Boot from an OS X install DVD, holding down ⌘ and "s" to enter single-user command-line mode. Type
umount /dev/whatever
to unmount the volume, then
clri /dev/whatever inode-number
to zero out the inode, and then
fsck /dev/whatever
to repair the filesystem and reclaim the inode. Then, just reboot normally.
posted by nicwolff at 8:29 PM on July 12, 2010

Oh, clri probably only works on HFS file systems. Good luck with FAT and DOS...
posted by nicwolff at 8:30 PM on July 12, 2010

OK, if you've got access to an XP box then you can use XP's filesystem check tools. Open My Computer, right-click on the drive and select Properties. Click the Tools tab, then the Check Now button, then follow your nose.
posted by flabdablet at 8:39 PM on July 12, 2010

In this case, under these circumstances, flabdablet gets my undying friendship. Although I will take note of all the other suggestions for future reference, the damned file is now out, out. Thanks so much, eveyone!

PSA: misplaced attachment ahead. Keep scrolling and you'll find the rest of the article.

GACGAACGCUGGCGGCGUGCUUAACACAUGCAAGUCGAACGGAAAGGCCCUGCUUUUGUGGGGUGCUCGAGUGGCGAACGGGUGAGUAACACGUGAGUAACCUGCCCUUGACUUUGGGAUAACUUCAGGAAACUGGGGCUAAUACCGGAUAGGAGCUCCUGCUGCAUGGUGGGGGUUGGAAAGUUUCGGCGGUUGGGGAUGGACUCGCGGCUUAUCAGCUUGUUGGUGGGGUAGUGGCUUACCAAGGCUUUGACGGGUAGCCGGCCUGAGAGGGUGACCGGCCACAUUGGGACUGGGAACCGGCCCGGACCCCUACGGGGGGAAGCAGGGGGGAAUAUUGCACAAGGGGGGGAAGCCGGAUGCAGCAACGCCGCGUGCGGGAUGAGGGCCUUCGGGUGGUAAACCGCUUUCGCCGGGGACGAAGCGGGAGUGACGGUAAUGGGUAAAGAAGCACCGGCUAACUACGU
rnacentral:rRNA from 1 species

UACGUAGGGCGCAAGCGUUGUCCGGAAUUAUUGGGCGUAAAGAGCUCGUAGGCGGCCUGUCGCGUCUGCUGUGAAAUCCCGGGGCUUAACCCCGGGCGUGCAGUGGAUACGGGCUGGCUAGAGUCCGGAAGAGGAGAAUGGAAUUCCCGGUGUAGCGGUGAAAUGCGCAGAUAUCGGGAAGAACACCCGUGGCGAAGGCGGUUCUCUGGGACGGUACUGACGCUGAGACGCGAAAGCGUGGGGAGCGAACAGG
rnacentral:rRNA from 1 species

posted by DandyRandy at 8:50 PM on July 12, 2010

Yeah, nicwolff, FAT filesystems don't actually have inodes. The kind of metadata that an inode-based filesystem would put in the inode (e.g. file size and access modes) goes in the directory entry in a FAT system, along with the filename (FAT systems have no concept of hard links) and the cluster number of the file's first disk cluster. A central File Allocation Table, indexed by cluster number, contains a linked list of cluster numbers per file, plus a linked list of free clusters, plus a linked list of bad clusters - effectively combining the functions of inode pointer records and a free space bitmap. It's quite conceptually elegant, but not very robust.

Since the filename portion of this particular file's directory entry was full of illegal characters, it's a fair bet that its starting cluster number would also have been bogus; were it not for the fact that such bogosity is indicative of further filesystem corruption, simply deleting the directory entry should have been enough. Unfortunately, the NUL bytes embedded in the filename conspired with the C string representation convention to make that very inconvenient to do. Fortunately, the DOS file naming rules make those bytes illegal in filenames, so the entry was treated as erroneous by the file system error check.
posted by flabdablet at 9:55 PM on July 12, 2010